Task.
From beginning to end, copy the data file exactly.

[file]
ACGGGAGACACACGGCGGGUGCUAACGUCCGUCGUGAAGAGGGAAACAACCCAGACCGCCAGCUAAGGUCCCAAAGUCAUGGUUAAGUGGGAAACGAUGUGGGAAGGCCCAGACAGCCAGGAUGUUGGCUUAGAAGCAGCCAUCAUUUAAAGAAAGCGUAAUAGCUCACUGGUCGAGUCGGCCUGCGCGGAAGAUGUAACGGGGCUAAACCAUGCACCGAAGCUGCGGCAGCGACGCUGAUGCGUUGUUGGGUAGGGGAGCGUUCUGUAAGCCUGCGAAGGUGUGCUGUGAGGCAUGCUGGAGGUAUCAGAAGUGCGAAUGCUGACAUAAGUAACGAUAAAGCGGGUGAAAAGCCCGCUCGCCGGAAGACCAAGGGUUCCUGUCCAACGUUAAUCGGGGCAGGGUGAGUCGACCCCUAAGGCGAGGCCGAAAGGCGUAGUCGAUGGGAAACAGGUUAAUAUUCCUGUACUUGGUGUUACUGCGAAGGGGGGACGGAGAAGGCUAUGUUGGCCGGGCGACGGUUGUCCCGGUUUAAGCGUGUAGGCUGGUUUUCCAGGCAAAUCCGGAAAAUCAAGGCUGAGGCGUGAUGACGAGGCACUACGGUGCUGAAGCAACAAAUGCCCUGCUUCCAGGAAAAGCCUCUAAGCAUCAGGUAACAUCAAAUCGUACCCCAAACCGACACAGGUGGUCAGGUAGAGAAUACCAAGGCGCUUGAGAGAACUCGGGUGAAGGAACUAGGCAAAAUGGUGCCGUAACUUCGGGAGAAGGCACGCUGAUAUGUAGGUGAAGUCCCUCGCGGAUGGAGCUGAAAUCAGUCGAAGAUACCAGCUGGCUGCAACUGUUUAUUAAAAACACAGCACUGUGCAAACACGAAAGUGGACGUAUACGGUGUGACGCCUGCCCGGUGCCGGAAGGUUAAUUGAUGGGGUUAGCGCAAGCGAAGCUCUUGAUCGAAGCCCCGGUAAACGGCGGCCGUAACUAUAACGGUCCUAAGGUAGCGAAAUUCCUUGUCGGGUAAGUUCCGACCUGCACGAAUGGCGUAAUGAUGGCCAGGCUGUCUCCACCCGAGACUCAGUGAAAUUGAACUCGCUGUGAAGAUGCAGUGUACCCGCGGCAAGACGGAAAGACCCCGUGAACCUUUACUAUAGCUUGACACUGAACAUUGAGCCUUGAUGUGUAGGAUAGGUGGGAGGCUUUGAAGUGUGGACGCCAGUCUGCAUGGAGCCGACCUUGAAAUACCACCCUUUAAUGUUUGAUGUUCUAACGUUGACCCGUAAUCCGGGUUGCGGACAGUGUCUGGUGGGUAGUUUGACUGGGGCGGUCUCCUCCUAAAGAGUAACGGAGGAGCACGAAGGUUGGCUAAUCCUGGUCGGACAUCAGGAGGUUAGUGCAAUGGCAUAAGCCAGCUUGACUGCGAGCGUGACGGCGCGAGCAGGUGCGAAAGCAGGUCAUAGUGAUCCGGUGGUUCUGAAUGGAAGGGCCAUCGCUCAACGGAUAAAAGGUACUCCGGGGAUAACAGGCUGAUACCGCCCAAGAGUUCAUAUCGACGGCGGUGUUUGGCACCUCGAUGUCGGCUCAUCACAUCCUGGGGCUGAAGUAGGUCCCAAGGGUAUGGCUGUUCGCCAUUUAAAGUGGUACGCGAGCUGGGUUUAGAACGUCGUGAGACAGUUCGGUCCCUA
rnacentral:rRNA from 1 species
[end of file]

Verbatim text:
ACGGGAGACACACGGCGGGUGCUAACGUCCGUCGUGAAGAGGGAAACAACCCAGACCGCCAGCUAAGGUCCCAAAGUCAUGGUUAAGUGGGAAACGAUGUGGGAAGGCCCAGACAGCCAGGAUGUUGGCUUAGAAGCAGCCAUCAUUUAAAGAAAGCGUAAUAGCUCACUGGUCGAGUCGGCCUGCGCGGAAGAUGUAACGGGGCUAAACCAUGCACCGAAGCUGCGGCAGCGACGCUGAUGCGUUGUUGGGUAGGGGAGCGUUCUGUAAGCCUGCGAAGGUGUGCUGUGAGGCAUGCUGGAGGUAUCAGAAGUGCGAAUGCUGACAUAAGUAACGAUAAAGCGGGUGAAAAGCCCGCUCGCCGGAAGACCAAGGGUUCCUGUCCAACGUUAAUCGGGGCAGGGUGAGUCGACCCCUAAGGCGAGGCCGAAAGGCGUAGUCGAUGGGAAACAGGUUAAUAUUCCUGUACUUGGUGUUACUGCGAAGGGGGGACGGAGAAGGCUAUGUUGGCCGGGCGACGGUUGUCCCGGUUUAAGCGUGUAGGCUGGUUUUCCAGGCAAAUCCGGAAAAUCAAGGCUGAGGCGUGAUGACGAGGCACUACGGUGCUGAAGCAACAAAUGCCCUGCUUCCAGGAAAAGCCUCUAAGCAUCAGGUAACAUCAAAUCGUACCCCAAACCGACACAGGUGGUCAGGUAGAGAAUACCAAGGCGCUUGAGAGAACUCGGGUGAAGGAACUAGGCAAAAUGGUGCCGUAACUUCGGGAGAAGGCACGCUGAUAUGUAGGUGAAGUCCCUCGCGGAUGGAGCUGAAAUCAGUCGAAGAUACCAGCUGGCUGCAACUGUUUAUUAAAAACACAGCACUGUGCAAACACGAAAGUGGACGUAUACGGUGUGACGCCUGCCCGGUGCCGGAAGGUUAAUUGAUGGGGUUAGCGCAAGCGAAGCUCUUGAUCGAAGCCCCGGUAAACGGCGGCCGUAACUAUAACGGUCCUAAGGUAGCGAAAUUCCUUGUCGGGUAAGUUCCGACCUGCACGAAUGGCGUAAUGAUGGCCAGGCUGUCUCCACCCGAGACUCAGUGAAAUUGAACUCGCUGUGAAGAUGCAGUGUACCCGCGGCAAGACGGAAAGACCCCGUGAACCUUUACUAUAGCUUGACACUGAACAUUGAGCCUUGAUGUGUAGGAUAGGUGGGAGGCUUUGAAGUGUGGACGCCAGUCUGCAUGGAGCCGACCUUGAAAUACCACCCUUUAAUGUUUGAUGUUCUAACGUUGACCCGUAAUCCGGGUUGCGGACAGUGUCUGGUGGGUAGUUUGACUGGGGCGGUCUCCUCCUAAAGAGUAACGGAGGAGCACGAAGGUUGGCUAAUCCUGGUCGGACAUCAGGAGGUUAGUGCAAUGGCAUAAGCCAGCUUGACUGCGAGCGUGACGGCGCGAGCAGGUGCGAAAGCAGGUCAUAGUGAUCCGGUGGUUCUGAAUGGAAGGGCCAUCGCUCAACGGAUAAAAGGUACUCCGGGGAUAACAGGCUGAUACCGCCCAAGAGUUCAUAUCGACGGCGGUGUUUGGCACCUCGAUGUCGGCUCAUCACAUCCUGGGGCUGAAGUAGGUCCCAAGGGUAUGGCUGUUCGCCAUUUAAAGUGGUACGCGAGCUGGGUUUAGAACGUCGUGAGACAGUUCGGUCCCUA
rnacentral:rRNA from 1 species